Debate aftermath

On delegation-wide text chains and smaller threads, on phone calls stealing away from family vacations, House Democrats have been ricocheting off each other, repeating rumors, counseling each other through depressions and panics, spinning out daydreams of events where Biden steps aside or of ways that the party turns around and rallies to his side. At home in their districts over the holiday week, the Biden campaign spin that only insiders cared about his debate performance crashed into constituents unloading on them at July 4th parades or just at the grocery store.

Jeffries, meanwhile, was on the phone, on encrypted Signal chats. He said little, according to several colleagues who spoke to him. He listened. He absorbed. He gave members or collections of members chances to propose solutions and ways forward. He told many that he was not going to stand in their way from either sticking with Biden or breaking. He consulted with his whip, Massachusetts Rep. Katherine Clark, and with close Biden ally Delaware Rep. Lisa Blunt Rochester.

Colleagues regularly use words like deliberative and methodical to describe the 53-year-old who took over for Nancy Pelosi in late 2022. In the last 10 days, they describe a man even more inscrutable and Buddha-like than normal.

“Hakeem is very thoughtful and deliberate, and we’ll work through this week together in a responsible way,” said Ohio Rep. Greg Landsman. “We’re the adults in the room who get things done. That’s how we approach our jobs every week, and this week won’t be any different. Too much is at stake.”

Two very different men who don’t know each other well

Jeffries does not have a deep or extensive relationship with Biden. A story he tells is getting a call from a blocked number during the transition three-and-a-half years ago, letting it go to voicemail, and being mortified when he realized he had inadvertently passed on a call from the president-elect.

They have not spent too much time together since, with Jeffries ascending as leader just as Democrats returned to the minority in the House and became less relevant to governing. They both see themselves as pragmatists more progressive than they get credit for from the base, but they are very different men. Jeffries’ signature event when he first got to Washington was a “Hip Hop on the Hill” fundraiser. Biden prefers Barbra Streisand and Elton John. They’re both from working-class beginnings, but in very different generations: Jeffries was born in Brooklyn just a few months before Biden won his first race, for a seat on the New Castle, Delaware, county council.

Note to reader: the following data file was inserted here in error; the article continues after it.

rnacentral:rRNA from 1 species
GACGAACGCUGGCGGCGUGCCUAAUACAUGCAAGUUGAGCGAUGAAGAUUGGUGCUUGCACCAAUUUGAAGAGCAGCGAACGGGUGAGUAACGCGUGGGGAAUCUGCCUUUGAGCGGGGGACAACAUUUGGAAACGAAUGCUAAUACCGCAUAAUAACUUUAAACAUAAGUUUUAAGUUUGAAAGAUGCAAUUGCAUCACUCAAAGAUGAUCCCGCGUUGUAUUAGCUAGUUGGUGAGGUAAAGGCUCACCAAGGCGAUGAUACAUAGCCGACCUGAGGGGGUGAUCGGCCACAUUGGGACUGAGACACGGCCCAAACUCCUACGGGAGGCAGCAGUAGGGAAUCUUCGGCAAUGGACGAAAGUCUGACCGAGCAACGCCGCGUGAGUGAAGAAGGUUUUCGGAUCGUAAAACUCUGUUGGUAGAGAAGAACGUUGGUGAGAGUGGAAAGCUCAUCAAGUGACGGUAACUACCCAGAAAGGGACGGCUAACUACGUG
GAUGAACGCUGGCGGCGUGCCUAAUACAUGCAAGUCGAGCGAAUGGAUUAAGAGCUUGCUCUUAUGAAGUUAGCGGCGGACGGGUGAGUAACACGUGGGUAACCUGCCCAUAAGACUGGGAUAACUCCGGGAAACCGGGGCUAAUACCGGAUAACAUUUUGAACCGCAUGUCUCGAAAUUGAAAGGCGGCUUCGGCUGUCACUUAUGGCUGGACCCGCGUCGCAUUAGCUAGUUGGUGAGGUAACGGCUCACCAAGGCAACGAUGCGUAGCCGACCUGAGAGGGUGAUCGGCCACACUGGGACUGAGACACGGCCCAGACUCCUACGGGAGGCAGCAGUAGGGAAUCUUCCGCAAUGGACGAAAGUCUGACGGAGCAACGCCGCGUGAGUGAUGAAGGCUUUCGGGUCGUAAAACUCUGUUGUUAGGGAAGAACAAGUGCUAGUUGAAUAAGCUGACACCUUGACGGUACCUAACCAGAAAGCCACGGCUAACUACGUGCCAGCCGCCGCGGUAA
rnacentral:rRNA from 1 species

The night of the debate, Jeffries was with several of his members. One member who saw him said his frustration and disappointment were evident. He’s a politician who prepares methodically, who, in answering reporters’ questions, often slows down his cadence both as he considers the impact of each word in real time and makes sure that he doesn’t get misquoted. Biden’s going onto stage so apparently not ready for what it was and what it would lead to seemed irresponsible.

The next morning, Jeffries arrived at a regularly scheduled meeting of the Blue Dogs, the group of moderate House Democrats. He mentioned a snap poll that showed people didn’t like Donald Trump’s performance either, but made no attempt to defend Biden. He didn’t ask anyone to hold back — and they did not, though he didn’t say much there either, including when one member said that Biden was going to be a liability that the Democrats in the tightest races in the fall wouldn’t be able to manage.

But Jeffries did point out that Democrats picked up seats in 2016 even as Trump won then.

The next day in New York, at a fundraiser for House Democrats, his first question in a fireside chat on stage with former President Barack Obama was about what he called “an existential moment many of us believe, in the House, the Senate, certainly at the presidential level.”

“We’ve got to figure out how we move forward. What should we make of it?” Jeffries said. He quoted a line from the Cornerstone Baptist Church of his youth that he’d used earlier in the day, “A setback is nothing more than a setup for a comeback.”